One of the best ways to make myself miserable is to start comparing myself to others. To start the ranking process to figure out who’s superior and who’s inferior. To look at someone else and feel bad because I don’t have their complexion, their body, their brains, their whatever. One of the best ways to make myself miserable is to start wanting to be someone else because I think they are better or superior to me.

U.S. culture really doesn’t help matters. It seems to me anyway, there is this overarching push to achieve, to be the best at something. And if you’re not the best then you’re just a loser. What’s that saying, “No one remembers who came in second?” And, “Second place is another name for first loser?” What lovely concepts!

This ranking thing has to go. I can’t speak for everyone but I can say for me it’s been detrimental. In high school I really wanted to be salutatorian of my class, mostly so I could give a speech at graduation. The day class rank came out I remember passing by the guidance counselor in the cafeteria and I said, “Well?” She held up three fingers. I had dropped from number two to number three. I went to my car in the parking lot and cried as I slumped over the steering wheel. I cried. Over class rank. Because I was one one-thousandth of a point lower than someone else. Really? What does it matter if I’m number two or number 200? It’s doesn’t mean I’m “worse” than anyone else.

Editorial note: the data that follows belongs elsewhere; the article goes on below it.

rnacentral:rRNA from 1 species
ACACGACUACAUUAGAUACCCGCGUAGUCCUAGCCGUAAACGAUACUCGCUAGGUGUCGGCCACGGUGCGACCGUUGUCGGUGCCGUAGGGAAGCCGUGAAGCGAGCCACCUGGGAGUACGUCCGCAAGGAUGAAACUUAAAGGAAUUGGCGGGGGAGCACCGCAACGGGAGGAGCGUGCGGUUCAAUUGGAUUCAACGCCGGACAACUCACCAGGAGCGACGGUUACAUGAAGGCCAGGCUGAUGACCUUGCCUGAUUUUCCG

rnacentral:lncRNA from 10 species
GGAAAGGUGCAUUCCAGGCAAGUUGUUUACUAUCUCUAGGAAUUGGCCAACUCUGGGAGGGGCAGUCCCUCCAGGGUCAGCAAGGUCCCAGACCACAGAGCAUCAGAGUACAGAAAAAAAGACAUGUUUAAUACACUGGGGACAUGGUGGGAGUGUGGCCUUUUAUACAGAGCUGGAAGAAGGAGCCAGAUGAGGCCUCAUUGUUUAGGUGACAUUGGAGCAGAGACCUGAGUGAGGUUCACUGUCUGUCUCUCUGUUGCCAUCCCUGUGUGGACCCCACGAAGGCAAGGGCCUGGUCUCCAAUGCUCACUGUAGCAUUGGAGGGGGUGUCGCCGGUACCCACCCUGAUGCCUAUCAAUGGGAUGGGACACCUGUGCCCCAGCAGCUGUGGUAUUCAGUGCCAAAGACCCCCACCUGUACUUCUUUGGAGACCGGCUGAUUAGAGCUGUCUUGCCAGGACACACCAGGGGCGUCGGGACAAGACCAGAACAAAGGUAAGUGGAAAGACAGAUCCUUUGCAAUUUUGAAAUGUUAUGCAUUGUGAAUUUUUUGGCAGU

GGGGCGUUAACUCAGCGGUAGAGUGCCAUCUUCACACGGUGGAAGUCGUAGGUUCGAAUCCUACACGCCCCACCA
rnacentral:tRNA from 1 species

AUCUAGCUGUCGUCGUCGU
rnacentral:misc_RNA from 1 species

I think partly, yes, in high school I used my class rank as a means to identify my self-worth, but I know now self-worth comes from within. Yet, I think at the root of this whole ranking, superiority/inferiority thing is a rejection of the self. Of wanting to be like someone else. To look like someone else. To have what someone else has.